Price, Helper Receive USDA Funding to Improve Public Safety


Helper City Police Chief Chris Gigliotti. Photo courtesy of Helper City Police.

Increasing Access to Education and Public Safety

Press Release

United States Department of Agriculture (USDA) Rural Development Utah Acting State Director Debra Meyer recently announced that the USDA is investing nearly $1 million to improve critical community facilities in four rural Utah communities. This infrastructure funding will increase access to education and public safety while inspiring community development and reinforcing sound infrastructure for people living in those communities.

“The Biden-Harris Administration has made investing in infrastructure improvements a top priority,” USDA Under Secretary Jewel Bronaugh said. “These loans and grants will help rural communities invest in facilities and services that are vital to all communities, such as healthcare facilities, schools, libraries, and first responder vehicles and equipment. When we invest in essential services in rural America, we build opportunity and prosperity for the people who call rural communities home.”

Meyer highlighted four projects that the USDA is making in two programs that will fund essential community services to help rural Utah build back better, stronger and more equitably than ever before. These programs include Community Facilities Direct Loans and Grants and Community Facilities Loan Guarantees, The projects will finance emergency response vehicles and equipment as well as renovate a charter school.

In Price, Utah. Price City will use a $74,600 Community Facilities Grant to purchase digital radios for the public safety departments to ensure public safety and to enable them to communicate with all parties who can facilitate a response to a safety issue. This grant will help 8,715 residents have better public safety by improving communication efforts.

In Helper, Utah. The city of Helper will use a Community Facilities Grant in the amount of $50,000 to purchase two police vehicles and necessary equipment. The assistance of USDA Rural Development funds will provide the community of a little over 2,000 residents with continued reliable safety.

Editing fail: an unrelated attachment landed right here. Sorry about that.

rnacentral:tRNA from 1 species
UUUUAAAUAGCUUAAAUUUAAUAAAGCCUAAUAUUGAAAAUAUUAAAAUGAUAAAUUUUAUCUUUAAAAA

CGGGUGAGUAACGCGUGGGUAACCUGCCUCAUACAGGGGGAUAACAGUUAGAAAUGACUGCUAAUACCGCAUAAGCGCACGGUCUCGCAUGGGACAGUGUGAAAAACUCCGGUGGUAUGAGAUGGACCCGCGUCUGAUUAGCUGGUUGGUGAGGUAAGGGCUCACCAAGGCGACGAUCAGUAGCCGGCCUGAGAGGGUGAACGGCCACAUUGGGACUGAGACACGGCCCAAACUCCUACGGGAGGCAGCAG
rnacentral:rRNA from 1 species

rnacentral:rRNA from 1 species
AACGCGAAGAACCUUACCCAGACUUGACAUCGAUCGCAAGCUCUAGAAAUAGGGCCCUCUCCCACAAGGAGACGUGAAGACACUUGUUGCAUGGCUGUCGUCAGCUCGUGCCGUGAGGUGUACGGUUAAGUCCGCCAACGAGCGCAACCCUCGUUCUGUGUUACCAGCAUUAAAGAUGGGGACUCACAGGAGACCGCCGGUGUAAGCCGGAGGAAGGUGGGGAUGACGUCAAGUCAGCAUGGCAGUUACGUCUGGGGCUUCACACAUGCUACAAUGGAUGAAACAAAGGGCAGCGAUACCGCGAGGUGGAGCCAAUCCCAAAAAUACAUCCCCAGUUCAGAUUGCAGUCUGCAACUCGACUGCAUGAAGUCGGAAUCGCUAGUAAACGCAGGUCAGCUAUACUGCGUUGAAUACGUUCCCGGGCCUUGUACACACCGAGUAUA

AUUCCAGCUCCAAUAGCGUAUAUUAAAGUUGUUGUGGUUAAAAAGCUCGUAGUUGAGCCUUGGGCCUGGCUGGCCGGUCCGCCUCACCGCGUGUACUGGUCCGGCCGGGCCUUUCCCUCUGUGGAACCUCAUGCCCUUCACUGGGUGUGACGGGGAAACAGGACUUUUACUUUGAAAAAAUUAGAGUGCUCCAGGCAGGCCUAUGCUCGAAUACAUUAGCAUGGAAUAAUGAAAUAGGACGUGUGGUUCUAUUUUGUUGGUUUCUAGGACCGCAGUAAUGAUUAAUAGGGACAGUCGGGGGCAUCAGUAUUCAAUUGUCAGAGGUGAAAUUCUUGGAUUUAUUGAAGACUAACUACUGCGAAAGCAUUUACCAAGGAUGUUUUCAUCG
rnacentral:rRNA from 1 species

In Moab, Utah. The City of Moab will use a $50,000 Community Facilities Grant to purchase and equip two new patrol cars for the police department. Adding two vehicles to their fleet will increase their patrol capabilities by 22 percent with the city’s nine officers and two sergeants. This project will provide funds for the vehicles and necessary equipment to ensure reliable safety to the community.

In Park City, Utah. Weilenmann School of Discovery in Park City will use a $800,000 Community Facilities Loan Guarantee to provide funding for Weilenmann Charter School to complete needed renovations on their existing building. The current facility serves approximately 600 K-8 students. These funds will expand and create more usable indoor classroom and hallway space with a student flow pattern around the auditorium. Once completed, Weilenmann will be able to provide quality education to more students with a better learning atmosphere for all.

More than 100 types of projects are eligible for Community Facilities funding. Eligible applicants include municipalities, public bodies, nonprofit organizations and federally-recognized Native American tribes. Projects must be in rural areas with a population of 20,000 or less. For more information, visit

Interested parties should contact their USDA Rural Development state office for information about additional funding, application procedures and eligibility. Also see the Community Facilities Direct Loan Program Guidance Book for Applicants for a detailed overview of the application process.

Under the Biden-Harris Administration, Rural Development provides loans and grants to help expand economic opportunities, create jobs and improve the quality of life for millions of Americans in rural areas. This assistance supports infrastructure improvements; business development; housing; community facilities, such as schools, public safety and health care; and high-speed internet access in rural, Tribal and high-poverty areas. For more information, visit If you’d like to subscribe to USDA Rural Development updates, visit our GovDelivery subscriber page.

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